Despite the clarified mechanism of the lack of response of colorectal tumors with mutated RAS gene to the EGFR-directed therapy, certain tumors having wild-type RAS gene are known not to respond to that therapy. Although BRAF has been considered one of the candidate molecules responsible for the resistance for its role as a downstream effector of RAS, its usefulness as a predictive marker has not been determined. A V600E mutation in BRAF gene is found in about 5% to 9% of CRC [47]. The planned subgroup analysis with patients from the PRIME trial suggested the correlation of BRAF mutation with poor prognosis but failed to demonstrate its role as a predictive marker to the therapy with panitumumab combined with FOFOX [33]. The BRAF gene as a prognostic factor has also been suggested in an updated analysis of the CRYSTAL trial by showing worse prognosis in patients with BRAF mutation than in patients with wild type [6]. In addition, BRAF gene mutation status was also prognostic for OS in patients with CRC treated with capecitabine with or without bevacizumab [48]. A recent report of systematic review and meta-analysis of 21 studies indicated high-risk clinicopathologic characteristics in colorectal tumors with BRAF mutations in terms of TMN stage (T4 tumors), differentiation (poor differentiation), and tumor location (proximal location) [49].

On the other hand, a randomized phase II COIN trial indicated that cetuximab may have a detrimental effect in patients with CRC harboring BRAF mutation treated with capecitabine and oxaliplatin or FOLFOX as the first-line chemotherapy [29]. Several retrospective studies also suggested the role of BRAF as a marker of resistance to the EGFR-directed therapy in patients with metastatic CRC who experienced progression on the first-line therapy [5053]. Furthermore, recent prospective data from the PICCOLO trial consistently reported the dismal effect of panitumumab combined with irinotecan on patient with BRAF mutations in the subsequent lines setting of chemotherapy [54]. Based on these results, BRAF mutation is now suggested as a prognostic factor in patients with CRC, and current guideline recommends genotyping of the gene at diagnosis of stage IV disease. And we suggest that biomarkers for targeted agents should be developed at the early phase trials.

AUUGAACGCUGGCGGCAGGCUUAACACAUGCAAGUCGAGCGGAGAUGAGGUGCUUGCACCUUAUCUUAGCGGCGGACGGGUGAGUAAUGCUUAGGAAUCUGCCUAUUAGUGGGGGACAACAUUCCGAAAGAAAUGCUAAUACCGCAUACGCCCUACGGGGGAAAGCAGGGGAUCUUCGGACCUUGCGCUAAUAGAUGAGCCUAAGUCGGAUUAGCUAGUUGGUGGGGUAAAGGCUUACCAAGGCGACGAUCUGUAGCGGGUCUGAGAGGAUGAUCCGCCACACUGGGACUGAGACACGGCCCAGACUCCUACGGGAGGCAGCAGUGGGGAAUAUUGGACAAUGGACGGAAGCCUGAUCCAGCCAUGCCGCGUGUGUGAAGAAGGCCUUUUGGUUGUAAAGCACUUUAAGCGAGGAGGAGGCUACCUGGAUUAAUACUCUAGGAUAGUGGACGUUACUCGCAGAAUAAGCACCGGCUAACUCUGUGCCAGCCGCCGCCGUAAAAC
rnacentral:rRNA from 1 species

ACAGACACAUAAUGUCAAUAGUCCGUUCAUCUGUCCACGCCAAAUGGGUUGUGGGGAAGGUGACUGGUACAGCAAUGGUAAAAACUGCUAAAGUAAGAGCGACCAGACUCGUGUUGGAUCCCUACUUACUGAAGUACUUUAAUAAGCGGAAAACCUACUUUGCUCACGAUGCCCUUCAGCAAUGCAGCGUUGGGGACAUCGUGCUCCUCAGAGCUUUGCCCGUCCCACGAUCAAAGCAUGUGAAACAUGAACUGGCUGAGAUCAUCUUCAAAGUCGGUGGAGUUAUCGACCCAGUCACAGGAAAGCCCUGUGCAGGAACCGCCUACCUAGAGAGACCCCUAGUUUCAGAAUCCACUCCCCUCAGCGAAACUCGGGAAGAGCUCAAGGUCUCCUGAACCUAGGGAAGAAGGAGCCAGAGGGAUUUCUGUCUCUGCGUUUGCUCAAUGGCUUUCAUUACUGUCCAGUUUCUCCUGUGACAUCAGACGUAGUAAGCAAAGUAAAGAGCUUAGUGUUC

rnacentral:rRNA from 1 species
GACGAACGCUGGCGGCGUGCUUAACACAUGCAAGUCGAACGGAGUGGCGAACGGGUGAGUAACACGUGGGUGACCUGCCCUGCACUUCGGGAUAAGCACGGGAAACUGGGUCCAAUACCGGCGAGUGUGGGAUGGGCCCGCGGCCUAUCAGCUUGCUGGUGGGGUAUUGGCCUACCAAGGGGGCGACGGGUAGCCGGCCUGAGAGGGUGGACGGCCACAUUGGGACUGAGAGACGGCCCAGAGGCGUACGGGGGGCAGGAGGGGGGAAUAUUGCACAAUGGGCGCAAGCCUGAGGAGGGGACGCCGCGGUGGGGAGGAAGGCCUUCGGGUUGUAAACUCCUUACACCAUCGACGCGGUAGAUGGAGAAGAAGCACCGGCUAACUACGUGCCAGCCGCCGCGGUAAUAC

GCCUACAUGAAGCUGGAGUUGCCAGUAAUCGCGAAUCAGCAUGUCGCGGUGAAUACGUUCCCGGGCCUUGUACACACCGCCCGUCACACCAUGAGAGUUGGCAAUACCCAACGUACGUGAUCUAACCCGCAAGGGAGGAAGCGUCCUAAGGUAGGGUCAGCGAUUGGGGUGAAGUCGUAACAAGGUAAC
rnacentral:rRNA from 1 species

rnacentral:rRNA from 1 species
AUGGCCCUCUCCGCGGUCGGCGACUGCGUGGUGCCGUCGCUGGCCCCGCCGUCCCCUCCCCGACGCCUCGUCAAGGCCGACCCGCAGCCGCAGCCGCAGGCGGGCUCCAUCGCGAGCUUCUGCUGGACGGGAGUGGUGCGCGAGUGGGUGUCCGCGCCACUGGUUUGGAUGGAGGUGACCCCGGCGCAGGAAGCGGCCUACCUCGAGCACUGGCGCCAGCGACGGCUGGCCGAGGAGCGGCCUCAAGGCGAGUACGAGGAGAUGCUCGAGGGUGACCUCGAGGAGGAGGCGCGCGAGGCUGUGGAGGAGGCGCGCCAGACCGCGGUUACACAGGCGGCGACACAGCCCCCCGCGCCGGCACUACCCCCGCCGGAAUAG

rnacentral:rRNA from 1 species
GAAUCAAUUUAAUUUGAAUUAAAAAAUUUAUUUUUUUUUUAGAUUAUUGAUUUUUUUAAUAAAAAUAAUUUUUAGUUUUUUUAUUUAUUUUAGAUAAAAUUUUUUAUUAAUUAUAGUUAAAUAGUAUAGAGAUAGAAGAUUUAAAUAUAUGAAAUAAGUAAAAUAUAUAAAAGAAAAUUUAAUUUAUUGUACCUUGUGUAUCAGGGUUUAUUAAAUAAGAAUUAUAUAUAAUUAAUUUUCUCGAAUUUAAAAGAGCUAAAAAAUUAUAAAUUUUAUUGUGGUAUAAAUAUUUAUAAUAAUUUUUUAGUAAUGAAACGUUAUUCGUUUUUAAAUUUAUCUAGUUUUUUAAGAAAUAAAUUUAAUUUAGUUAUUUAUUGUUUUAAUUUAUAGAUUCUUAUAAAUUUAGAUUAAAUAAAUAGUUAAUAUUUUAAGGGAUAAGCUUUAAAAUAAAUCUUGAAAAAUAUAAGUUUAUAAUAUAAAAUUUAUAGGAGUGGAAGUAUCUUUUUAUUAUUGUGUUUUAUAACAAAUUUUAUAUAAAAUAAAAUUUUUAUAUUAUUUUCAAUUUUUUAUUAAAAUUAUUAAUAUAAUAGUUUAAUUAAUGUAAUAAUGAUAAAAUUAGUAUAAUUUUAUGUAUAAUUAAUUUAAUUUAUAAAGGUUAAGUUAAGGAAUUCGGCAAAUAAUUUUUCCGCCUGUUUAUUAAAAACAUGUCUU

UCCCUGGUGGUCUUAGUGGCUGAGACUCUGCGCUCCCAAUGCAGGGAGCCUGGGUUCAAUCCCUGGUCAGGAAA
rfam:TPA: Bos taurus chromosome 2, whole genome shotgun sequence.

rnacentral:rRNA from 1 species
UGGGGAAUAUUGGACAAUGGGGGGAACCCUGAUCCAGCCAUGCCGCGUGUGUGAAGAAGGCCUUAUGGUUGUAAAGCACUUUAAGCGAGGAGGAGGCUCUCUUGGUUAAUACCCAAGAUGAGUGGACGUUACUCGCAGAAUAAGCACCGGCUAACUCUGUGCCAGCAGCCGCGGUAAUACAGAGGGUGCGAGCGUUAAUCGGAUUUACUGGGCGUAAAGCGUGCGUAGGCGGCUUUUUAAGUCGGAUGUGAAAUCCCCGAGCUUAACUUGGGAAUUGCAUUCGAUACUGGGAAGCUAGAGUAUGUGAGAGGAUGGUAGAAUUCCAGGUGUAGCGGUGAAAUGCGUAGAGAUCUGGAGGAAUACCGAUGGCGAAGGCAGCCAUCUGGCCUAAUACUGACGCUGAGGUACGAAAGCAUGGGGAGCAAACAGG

3. Antiangiogenesis Therapy

Vascular endothelial growth factors (VEGFs) are a large family of growth factors involved in physiologic and pathologic angiogenesis. The family is composed of 5 members, VEGF-A, VEGF-B, VEGF-C, VEGF-D, and placental growth factor (PLGF) [55]. The proangiogenic effect of VEGFs is exerted by binding to their receptors consisting of VEGFR-1 (Flt-1), VEGFR-2 (Flk/KDR), and VEGFR-3 (Flt-4) expressed on the cell surface. The structure of VEGFRs, RTKs, is composed of a ligand-binding extracellular domain, a transmembrane domain, and an intracellular domain containing tyrosine kinase domain [56]. VEGF-A, the most widely studied ligand, is known to bind to both VEGFR-1 and VEGFR-2 and plays a role in angiogenesis and vascular permeability [57]. VEGFR-1 binds to VEGF-A with stronger affinity than VEGFR-2 does, but potency of tyrosine phosphorylation in response to VEGF-A is weaker than VEGFR-2 [58]. Signaling through VEGF-B is mediated by binding to VEGFR-1 and neuropilin receptors-1 (NRP-1) [59]. VEGF-C and VEGF-D bind to VEGFR-3 and are involved in lymphangiogenesis [60].

VEGFs secreted by tumor and stroma cells interact with VEGFRs mainly expressed on tumor cells. Interactions of VEGFs with their receptors stimulate angiogenesis, a process that includes proliferation and migration of endothelial cells, and remodeling of the extracellular matrix. It has been also known that VEGF triggers an epithelial-mesenchymal transition phenotype and resultant promotion of tumor invasion and survival [61].

3.1. Bevacizumab

Bevacizumab (Avastin®, Genentech Inc.) is a humanized monoclonal antibody directed against VEGF-A and thereby prevents VEGF-A from binding to VEGFR.